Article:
Martin C. Barry
The City of Laval has decided to enhance a program of safety measures for autistic persons with the implementation of a new training module for the Laval’s public safety employees so that they will be fully prepared to deal with individuals in the midst of autism crises.
The training kit was created in conjunction with the Montreal-based Giant Steps School for autism. Prior to the announcement of this program, the City of Laval had already begun positioning itself as a leader among municipalities in matters concerning the autistic by first declaring an overall policy of inclusion towards those who suffer from autism.
An ongoing project
“In 2005, we decided it was important to train our personnel to improve the quality of life in emergency interventions for most of the population, but notably for persons affected by autism spectrum disorders,” Mayor Marc Demers said during an announcement on June 20 at Laval city hall.
“It was our first attempt and a first step in the right direction. Today I believe we can say that we are headed the right way and we are getting the idea of what needs to be done. The Laval Police and the firemen can be proud of the work that’s been done. What we are doing as a city is catching on and showing other cities the path that they too should follow.”
Special kit for responders
The program developed by the the Giant Steps School with the city includes explanatory presentations, videos, specially-adapted educational materials and a security kit. They are meant primarily for the police, firefighters and other emergency situation personnel so that they can be fully acquainted with the types of situations that can take place when they are dealing with persons suffering from autism.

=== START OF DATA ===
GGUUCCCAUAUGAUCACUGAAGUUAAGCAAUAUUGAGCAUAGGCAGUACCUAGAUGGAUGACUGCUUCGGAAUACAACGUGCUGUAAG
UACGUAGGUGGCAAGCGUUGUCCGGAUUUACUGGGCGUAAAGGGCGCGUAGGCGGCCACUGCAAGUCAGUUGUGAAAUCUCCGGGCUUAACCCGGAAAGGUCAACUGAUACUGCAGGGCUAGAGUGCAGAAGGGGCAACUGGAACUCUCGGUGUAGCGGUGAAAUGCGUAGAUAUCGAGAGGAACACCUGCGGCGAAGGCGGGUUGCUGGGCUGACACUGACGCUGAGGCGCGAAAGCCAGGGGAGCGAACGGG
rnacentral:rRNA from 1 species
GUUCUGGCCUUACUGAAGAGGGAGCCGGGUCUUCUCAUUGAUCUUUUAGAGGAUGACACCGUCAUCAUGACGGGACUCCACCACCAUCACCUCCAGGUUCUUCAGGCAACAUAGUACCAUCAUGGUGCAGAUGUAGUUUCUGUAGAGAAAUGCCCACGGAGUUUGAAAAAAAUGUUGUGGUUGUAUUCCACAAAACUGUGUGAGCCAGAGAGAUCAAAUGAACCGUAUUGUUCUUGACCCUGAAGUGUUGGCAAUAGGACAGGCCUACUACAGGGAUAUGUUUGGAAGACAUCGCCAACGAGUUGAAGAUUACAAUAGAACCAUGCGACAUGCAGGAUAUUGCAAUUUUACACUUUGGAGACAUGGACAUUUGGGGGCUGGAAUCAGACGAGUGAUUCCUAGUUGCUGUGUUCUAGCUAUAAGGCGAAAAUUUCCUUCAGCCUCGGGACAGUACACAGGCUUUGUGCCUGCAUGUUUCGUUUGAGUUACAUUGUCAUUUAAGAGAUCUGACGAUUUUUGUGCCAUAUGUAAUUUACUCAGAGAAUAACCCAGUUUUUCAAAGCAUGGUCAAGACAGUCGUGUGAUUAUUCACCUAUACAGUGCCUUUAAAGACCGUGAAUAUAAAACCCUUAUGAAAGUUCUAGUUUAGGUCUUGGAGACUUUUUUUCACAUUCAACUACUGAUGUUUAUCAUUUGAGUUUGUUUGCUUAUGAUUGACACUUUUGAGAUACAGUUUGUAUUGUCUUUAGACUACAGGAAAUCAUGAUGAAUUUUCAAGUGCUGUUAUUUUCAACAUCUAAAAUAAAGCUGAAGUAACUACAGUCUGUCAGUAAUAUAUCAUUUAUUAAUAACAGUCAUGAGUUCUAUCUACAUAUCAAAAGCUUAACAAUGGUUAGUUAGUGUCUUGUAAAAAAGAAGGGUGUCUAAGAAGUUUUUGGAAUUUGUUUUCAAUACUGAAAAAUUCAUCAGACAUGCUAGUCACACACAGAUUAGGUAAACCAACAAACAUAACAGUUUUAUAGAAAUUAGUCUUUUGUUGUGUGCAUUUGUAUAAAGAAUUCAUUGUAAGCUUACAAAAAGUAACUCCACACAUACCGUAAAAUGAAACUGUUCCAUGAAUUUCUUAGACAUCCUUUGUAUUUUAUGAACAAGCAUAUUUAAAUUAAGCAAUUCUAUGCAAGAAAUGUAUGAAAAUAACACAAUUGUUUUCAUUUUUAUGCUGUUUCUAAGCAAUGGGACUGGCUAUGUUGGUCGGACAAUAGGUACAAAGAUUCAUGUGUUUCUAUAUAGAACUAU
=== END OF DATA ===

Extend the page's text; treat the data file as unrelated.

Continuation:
According to a press release from the city, all the materials can be downloaded from the Internet from a link on the City of Laval’s web site. Thomas Henderson, executive-director of the Giant Steps School, explained the importance of key public safety staff being able to identify situations involving autism.
“It is very important that the interveners understand the type of behaviours that an autistic person has in an emergency situation in order to respond in the most efficient and properly adapted manner possible,” Henderson said.
Proud of the results
“I want to thank and congratulate the City of Laval for taking a leadership role with us at Giant Steps and collaborating on this important project,” he added. “It’s part of a larger project in partnership aimed at developing initiatives to create a more inclusive and accessible city for people with autism.
“We’re extremely proud of the results of this project,” Henderson continued. “The resources are being picked up by other emergency services across the country, and we are confident that as a direct result of improved resources and training people on the spectrum will be better prepared for emergencies and better served by the emergency services that are there to support them.”
Year and a half being developed
Henderson said that with financial support from the autism advocacy group Autism Speaks Canada, over the past year and a half Giant Steps developed the autism training program for emergency responders. An advisory committee that worked on the process was made up of police and firefighters, persons with autism, as well as parents and professionals.
In addition, the committee developed a safety resource kit that includes a wide variety of tools to help people with autism and their families to be more safe in the community, while knowing how to access emergency services more effectively. Educational resources were also developed for children and youths with autism to teach them about fire and community safety.